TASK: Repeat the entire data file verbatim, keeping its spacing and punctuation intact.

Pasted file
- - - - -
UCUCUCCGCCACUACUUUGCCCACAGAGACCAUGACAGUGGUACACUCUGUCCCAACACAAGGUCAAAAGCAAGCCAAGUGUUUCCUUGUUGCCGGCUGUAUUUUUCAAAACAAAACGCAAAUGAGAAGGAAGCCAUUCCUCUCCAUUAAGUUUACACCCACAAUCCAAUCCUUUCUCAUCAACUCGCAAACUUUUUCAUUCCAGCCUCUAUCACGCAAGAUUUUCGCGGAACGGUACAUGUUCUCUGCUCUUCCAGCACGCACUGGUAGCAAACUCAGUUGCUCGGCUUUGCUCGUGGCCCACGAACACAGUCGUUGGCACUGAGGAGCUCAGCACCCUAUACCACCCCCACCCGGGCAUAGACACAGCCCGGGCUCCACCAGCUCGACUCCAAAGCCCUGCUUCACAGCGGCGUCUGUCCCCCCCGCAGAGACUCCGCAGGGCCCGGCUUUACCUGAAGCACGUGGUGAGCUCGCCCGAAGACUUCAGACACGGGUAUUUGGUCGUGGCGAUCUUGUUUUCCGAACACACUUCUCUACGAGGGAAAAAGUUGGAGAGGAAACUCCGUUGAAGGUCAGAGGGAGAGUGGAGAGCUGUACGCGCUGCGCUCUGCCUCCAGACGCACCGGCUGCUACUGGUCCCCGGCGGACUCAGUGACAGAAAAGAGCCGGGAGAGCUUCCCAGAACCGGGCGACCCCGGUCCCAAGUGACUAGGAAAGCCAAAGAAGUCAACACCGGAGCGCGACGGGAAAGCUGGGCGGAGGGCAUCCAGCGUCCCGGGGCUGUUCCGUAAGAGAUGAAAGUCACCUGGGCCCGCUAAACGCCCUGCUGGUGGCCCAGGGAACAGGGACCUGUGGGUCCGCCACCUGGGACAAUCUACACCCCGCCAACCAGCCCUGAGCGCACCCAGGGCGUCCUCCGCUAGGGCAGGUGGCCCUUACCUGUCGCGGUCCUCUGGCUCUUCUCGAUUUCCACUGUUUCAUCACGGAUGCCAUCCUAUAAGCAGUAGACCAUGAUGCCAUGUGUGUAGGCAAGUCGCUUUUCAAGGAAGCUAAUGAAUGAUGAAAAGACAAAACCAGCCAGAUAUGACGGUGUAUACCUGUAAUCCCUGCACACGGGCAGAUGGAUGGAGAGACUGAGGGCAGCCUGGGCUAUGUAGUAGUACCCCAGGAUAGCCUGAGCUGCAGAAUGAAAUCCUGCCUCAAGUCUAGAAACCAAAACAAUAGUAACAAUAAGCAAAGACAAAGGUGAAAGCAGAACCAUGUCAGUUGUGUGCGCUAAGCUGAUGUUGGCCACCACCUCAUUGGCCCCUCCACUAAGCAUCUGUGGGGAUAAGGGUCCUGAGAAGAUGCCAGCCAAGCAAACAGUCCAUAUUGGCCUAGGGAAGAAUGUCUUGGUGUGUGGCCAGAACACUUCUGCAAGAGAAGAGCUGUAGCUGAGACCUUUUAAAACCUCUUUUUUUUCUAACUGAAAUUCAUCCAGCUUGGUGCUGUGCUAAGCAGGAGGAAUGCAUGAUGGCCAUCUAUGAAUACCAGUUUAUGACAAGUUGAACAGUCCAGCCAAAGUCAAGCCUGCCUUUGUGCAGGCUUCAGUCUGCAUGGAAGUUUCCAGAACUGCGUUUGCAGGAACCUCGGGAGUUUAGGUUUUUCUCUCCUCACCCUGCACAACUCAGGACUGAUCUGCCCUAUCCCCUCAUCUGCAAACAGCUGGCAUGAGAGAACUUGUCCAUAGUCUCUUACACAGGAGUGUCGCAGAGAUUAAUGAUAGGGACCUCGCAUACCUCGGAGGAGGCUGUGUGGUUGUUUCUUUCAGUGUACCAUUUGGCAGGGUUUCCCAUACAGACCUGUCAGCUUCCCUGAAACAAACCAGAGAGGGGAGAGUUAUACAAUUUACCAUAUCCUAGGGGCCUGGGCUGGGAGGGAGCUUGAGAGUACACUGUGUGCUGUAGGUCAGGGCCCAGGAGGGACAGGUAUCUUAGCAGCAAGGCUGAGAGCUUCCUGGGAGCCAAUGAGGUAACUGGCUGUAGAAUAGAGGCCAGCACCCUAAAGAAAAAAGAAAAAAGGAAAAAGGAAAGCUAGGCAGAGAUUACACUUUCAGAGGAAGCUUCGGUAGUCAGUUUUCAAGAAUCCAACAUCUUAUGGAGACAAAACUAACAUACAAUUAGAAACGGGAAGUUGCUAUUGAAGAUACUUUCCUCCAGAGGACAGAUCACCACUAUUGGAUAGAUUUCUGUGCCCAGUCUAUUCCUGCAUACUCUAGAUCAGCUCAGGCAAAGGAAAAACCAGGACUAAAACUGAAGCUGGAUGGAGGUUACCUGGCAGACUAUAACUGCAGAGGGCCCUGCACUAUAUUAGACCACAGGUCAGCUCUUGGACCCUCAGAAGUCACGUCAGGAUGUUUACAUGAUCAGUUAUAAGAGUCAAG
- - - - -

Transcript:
UCUCUCCGCCACUACUUUGCCCACAGAGACCAUGACAGUGGUACACUCUGUCCCAACACAAGGUCAAAAGCAAGCCAAGUGUUUCCUUGUUGCCGGCUGUAUUUUUCAAAACAAAACGCAAAUGAGAAGGAAGCCAUUCCUCUCCAUUAAGUUUACACCCACAAUCCAAUCCUUUCUCAUCAACUCGCAAACUUUUUCAUUCCAGCCUCUAUCACGCAAGAUUUUCGCGGAACGGUACAUGUUCUCUGCUCUUCCAGCACGCACUGGUAGCAAACUCAGUUGCUCGGCUUUGCUCGUGGCCCACGAACACAGUCGUUGGCACUGAGGAGCUCAGCACCCUAUACCACCCCCACCCGGGCAUAGACACAGCCCGGGCUCCACCAGCUCGACUCCAAAGCCCUGCUUCACAGCGGCGUCUGUCCCCCCCGCAGAGACUCCGCAGGGCCCGGCUUUACCUGAAGCACGUGGUGAGCUCGCCCGAAGACUUCAGACACGGGUAUUUGGUCGUGGCGAUCUUGUUUUCCGAACACACUUCUCUACGAGGGAAAAAGUUGGAGAGGAAACUCCGUUGAAGGUCAGAGGGAGAGUGGAGAGCUGUACGCGCUGCGCUCUGCCUCCAGACGCACCGGCUGCUACUGGUCCCCGGCGGACUCAGUGACAGAAAAGAGCCGGGAGAGCUUCCCAGAACCGGGCGACCCCGGUCCCAAGUGACUAGGAAAGCCAAAGAAGUCAACACCGGAGCGCGACGGGAAAGCUGGGCGGAGGGCAUCCAGCGUCCCGGGGCUGUUCCGUAAGAGAUGAAAGUCACCUGGGCCCGCUAAACGCCCUGCUGGUGGCCCAGGGAACAGGGACCUGUGGGUCCGCCACCUGGGACAAUCUACACCCCGCCAACCAGCCCUGAGCGCACCCAGGGCGUCCUCCGCUAGGGCAGGUGGCCCUUACCUGUCGCGGUCCUCUGGCUCUUCUCGAUUUCCACUGUUUCAUCACGGAUGCCAUCCUAUAAGCAGUAGACCAUGAUGCCAUGUGUGUAGGCAAGUCGCUUUUCAAGGAAGCUAAUGAAUGAUGAAAAGACAAAACCAGCCAGAUAUGACGGUGUAUACCUGUAAUCCCUGCACACGGGCAGAUGGAUGGAGAGACUGAGGGCAGCCUGGGCUAUGUAGUAGUACCCCAGGAUAGCCUGAGCUGCAGAAUGAAAUCCUGCCUCAAGUCUAGAAACCAAAACAAUAGUAACAAUAAGCAAAGACAAAGGUGAAAGCAGAACCAUGUCAGUUGUGUGCGCUAAGCUGAUGUUGGCCACCACCUCAUUGGCCCCUCCACUAAGCAUCUGUGGGGAUAAGGGUCCUGAGAAGAUGCCAGCCAAGCAAACAGUCCAUAUUGGCCUAGGGAAGAAUGUCUUGGUGUGUGGCCAGAACACUUCUGCAAGAGAAGAGCUGUAGCUGAGACCUUUUAAAACCUCUUUUUUUUCUAACUGAAAUUCAUCCAGCUUGGUGCUGUGCUAAGCAGGAGGAAUGCAUGAUGGCCAUCUAUGAAUACCAGUUUAUGACAAGUUGAACAGUCCAGCCAAAGUCAAGCCUGCCUUUGUGCAGGCUUCAGUCUGCAUGGAAGUUUCCAGAACUGCGUUUGCAGGAACCUCGGGAGUUUAGGUUUUUCUCUCCUCACCCUGCACAACUCAGGACUGAUCUGCCCUAUCCCCUCAUCUGCAAACAGCUGGCAUGAGAGAACUUGUCCAUAGUCUCUUACACAGGAGUGUCGCAGAGAUUAAUGAUAGGGACCUCGCAUACCUCGGAGGAGGCUGUGUGGUUGUUUCUUUCAGUGUACCAUUUGGCAGGGUUUCCCAUACAGACCUGUCAGCUUCCCUGAAACAAACCAGAGAGGGGAGAGUUAUACAAUUUACCAUAUCCUAGGGGCCUGGGCUGGGAGGGAGCUUGAGAGUACACUGUGUGCUGUAGGUCAGGGCCCAGGAGGGACAGGUAUCUUAGCAGCAAGGCUGAGAGCUUCCUGGGAGCCAAUGAGGUAACUGGCUGUAGAAUAGAGGCCAGCACCCUAAAGAAAAAAGAAAAAAGGAAAAAGGAAAGCUAGGCAGAGAUUACACUUUCAGAGGAAGCUUCGGUAGUCAGUUUUCAAGAAUCCAACAUCUUAUGGAGACAAAACUAACAUACAAUUAGAAACGGGAAGUUGCUAUUGAAGAUACUUUCCUCCAGAGGACAGAUCACCACUAUUGGAUAGAUUUCUGUGCCCAGUCUAUUCCUGCAUACUCUAGAUCAGCUCAGGCAAAGGAAAAACCAGGACUAAAACUGAAGCUGGAUGGAGGUUACCUGGCAGACUAUAACUGCAGAGGGCCCUGCACUAUAUUAGACCACAGGUCAGCUCUUGGACCCUCAGAAGUCACGUCAGGAUGUUUACAUGAUCAGUUAUAAGAGUCAAG